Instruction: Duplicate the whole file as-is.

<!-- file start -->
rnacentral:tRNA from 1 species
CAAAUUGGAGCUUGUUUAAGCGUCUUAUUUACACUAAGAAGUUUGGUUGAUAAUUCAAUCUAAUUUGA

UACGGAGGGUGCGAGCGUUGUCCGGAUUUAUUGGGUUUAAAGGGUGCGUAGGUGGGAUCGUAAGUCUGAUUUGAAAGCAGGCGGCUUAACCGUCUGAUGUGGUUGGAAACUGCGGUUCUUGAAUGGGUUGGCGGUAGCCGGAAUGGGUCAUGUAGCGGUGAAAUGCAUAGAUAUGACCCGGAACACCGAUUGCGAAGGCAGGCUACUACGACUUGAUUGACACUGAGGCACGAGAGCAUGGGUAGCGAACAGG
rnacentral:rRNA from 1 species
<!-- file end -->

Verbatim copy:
rnacentral:tRNA from 1 species
CAAAUUGGAGCUUGUUUAAGCGUCUUAUUUACACUAAGAAGUUUGGUUGAUAAUUCAAUCUAAUUUGA

UACGGAGGGUGCGAGCGUUGUCCGGAUUUAUUGGGUUUAAAGGGUGCGUAGGUGGGAUCGUAAGUCUGAUUUGAAAGCAGGCGGCUUAACCGUCUGAUGUGGUUGGAAACUGCGGUUCUUGAAUGGGUUGGCGGUAGCCGGAAUGGGUCAUGUAGCGGUGAAAUGCAUAGAUAUGACCCGGAACACCGAUUGCGAAGGCAGGCUACUACGACUUGAUUGACACUGAGGCACGAGAGCAUGGGUAGCGAACAGG
rnacentral:rRNA from 1 species